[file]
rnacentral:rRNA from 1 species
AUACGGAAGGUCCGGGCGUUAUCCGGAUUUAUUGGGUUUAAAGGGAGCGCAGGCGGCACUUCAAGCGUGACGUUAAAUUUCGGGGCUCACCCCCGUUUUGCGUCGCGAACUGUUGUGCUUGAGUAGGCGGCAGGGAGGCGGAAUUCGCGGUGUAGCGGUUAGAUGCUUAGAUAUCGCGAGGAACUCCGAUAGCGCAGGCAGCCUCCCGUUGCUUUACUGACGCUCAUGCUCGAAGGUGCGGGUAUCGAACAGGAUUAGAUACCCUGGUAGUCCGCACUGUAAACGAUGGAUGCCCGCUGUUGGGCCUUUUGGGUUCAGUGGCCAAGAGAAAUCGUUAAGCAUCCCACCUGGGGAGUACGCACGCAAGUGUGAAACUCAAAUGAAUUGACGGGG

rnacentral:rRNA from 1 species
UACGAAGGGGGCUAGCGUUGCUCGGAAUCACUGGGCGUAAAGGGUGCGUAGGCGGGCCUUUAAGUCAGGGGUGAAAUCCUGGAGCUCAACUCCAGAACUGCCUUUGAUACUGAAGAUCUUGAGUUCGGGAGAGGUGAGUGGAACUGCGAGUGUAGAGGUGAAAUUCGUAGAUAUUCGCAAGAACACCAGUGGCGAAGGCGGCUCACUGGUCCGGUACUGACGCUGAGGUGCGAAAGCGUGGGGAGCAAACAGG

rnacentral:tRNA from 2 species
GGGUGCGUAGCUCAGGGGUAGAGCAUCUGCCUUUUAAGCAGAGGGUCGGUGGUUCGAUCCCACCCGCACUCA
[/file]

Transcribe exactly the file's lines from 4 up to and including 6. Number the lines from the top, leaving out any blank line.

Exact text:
UACGAAGGGGGCUAGCGUUGCUCGGAAUCACUGGGCGUAAAGGGUGCGUAGGCGGGCCUUUAAGUCAGGGGUGAAAUCCUGGAGCUCAACUCCAGAACUGCCUUUGAUACUGAAGAUCUUGAGUUCGGGAGAGGUGAGUGGAACUGCGAGUGUAGAGGUGAAAUUCGUAGAUAUUCGCAAGAACACCAGUGGCGAAGGCGGCUCACUGGUCCGGUACUGACGCUGAGGUGCGAAAGCGUGGGGAGCAAACAGG

rnacentral:tRNA from 2 species
GGGUGCGUAGCUCAGGGGUAGAGCAUCUGCCUUUUAAGCAGAGGGUCGGUGGUUCGAUCCCACCCGCACUCA